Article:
According to the Ninth Circuit, "[an] ALJ may reject a treating physician's opinion if it is based to a large extent' on a claimant's self-reports that have been properly discounted as incredible." Tommasetti v. Astrue, 533 F.3d 1035, 1041 (9th Cir. 2008) ( quoting Morgan v. Comm'r. Soc. Sec. Admin., 169 F.3d 595, 602 (9th Cir. 1999) ( citing Fair v. Bowen, 885 F.2d 597, 605 (9th Cir. 1989)). This situation is distinguishable from one in which the doctor provides his own observations in support of his assessments and opinions. See Ryan v. Comm'r of Soc. Sec. Admin., 528 F.3d 1194, 1199-1200 (9th Cir. 2008) ("an ALJ does not provide clear and convincing reasons for rejecting an examining physician's opinion by questioning the credibility of the patient's complaints where the doctor does not discredit those complaints and supports his ultimate opinion with his own observations"); see also Edlund v. Massanari, 253 F.3d 1152, 1159 (9th Cir. 2001). According to the Ninth Circuit, "when an opinion is not more heavily based on a patient's self-reports than on clinical observations, there is no evidentiary basis for rejecting the opinion." Ghanim v. Colvin, 763 F.3d 1154, 1162 (9th Cir. 2014) ( citing Ryan v. Comm'r of Soc. Sec. Admin., 528 F.3d 1194, 1199-1200 (9th Cir. 2008)).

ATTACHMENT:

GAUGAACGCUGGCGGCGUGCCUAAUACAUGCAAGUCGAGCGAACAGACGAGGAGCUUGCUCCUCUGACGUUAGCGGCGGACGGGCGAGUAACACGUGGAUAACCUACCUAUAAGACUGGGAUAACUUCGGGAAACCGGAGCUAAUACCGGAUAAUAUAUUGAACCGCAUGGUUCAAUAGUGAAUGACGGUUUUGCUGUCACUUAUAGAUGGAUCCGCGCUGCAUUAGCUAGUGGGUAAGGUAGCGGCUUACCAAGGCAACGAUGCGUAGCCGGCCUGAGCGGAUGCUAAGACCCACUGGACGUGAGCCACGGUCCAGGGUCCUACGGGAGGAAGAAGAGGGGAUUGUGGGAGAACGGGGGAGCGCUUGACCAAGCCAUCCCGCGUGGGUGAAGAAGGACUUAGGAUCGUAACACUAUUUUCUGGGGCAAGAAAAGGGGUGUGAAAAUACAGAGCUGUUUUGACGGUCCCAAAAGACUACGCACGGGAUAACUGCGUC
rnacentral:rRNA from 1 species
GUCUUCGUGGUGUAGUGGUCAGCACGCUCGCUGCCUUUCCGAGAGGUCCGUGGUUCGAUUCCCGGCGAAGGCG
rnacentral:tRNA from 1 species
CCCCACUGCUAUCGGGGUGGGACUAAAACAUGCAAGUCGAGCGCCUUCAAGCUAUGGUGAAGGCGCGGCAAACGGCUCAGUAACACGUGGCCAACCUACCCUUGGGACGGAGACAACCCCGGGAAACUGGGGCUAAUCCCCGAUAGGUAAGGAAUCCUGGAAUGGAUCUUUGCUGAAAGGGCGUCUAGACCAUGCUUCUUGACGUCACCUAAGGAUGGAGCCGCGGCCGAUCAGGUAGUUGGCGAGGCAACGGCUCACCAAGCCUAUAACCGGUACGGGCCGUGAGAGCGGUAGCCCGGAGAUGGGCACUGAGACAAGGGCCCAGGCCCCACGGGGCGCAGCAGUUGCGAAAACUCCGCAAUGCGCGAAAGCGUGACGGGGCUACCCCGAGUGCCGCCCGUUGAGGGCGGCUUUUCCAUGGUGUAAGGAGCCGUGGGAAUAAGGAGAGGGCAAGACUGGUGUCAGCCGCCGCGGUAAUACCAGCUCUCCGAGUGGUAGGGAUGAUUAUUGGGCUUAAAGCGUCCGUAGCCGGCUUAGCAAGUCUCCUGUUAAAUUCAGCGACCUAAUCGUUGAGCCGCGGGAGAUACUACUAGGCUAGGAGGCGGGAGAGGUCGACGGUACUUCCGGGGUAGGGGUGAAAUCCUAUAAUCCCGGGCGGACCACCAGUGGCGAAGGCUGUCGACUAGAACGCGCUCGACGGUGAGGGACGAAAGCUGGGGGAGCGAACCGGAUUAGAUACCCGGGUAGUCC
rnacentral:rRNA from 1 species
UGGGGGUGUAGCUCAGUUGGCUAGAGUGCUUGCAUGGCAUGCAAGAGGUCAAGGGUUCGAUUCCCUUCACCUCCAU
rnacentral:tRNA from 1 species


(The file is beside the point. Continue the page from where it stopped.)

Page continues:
The Court notes that "experienced clinicians attend to detail and subtlety in behavior, such as the affect accompanying thought or ideas, the significance of gesture or mannerism, and the unspoken message of conversation. The [MSE] allows the organization, completion and communication of these observations." Paula T. Trzepacz and Robert W. Baker, The Psychiatric Mental Status Examination 3 (Oxford University Press 1993). "Like the physical examination, the [MSE] is termed the objective portion of the patient evaluation." Id. at 4 (emphasis in original).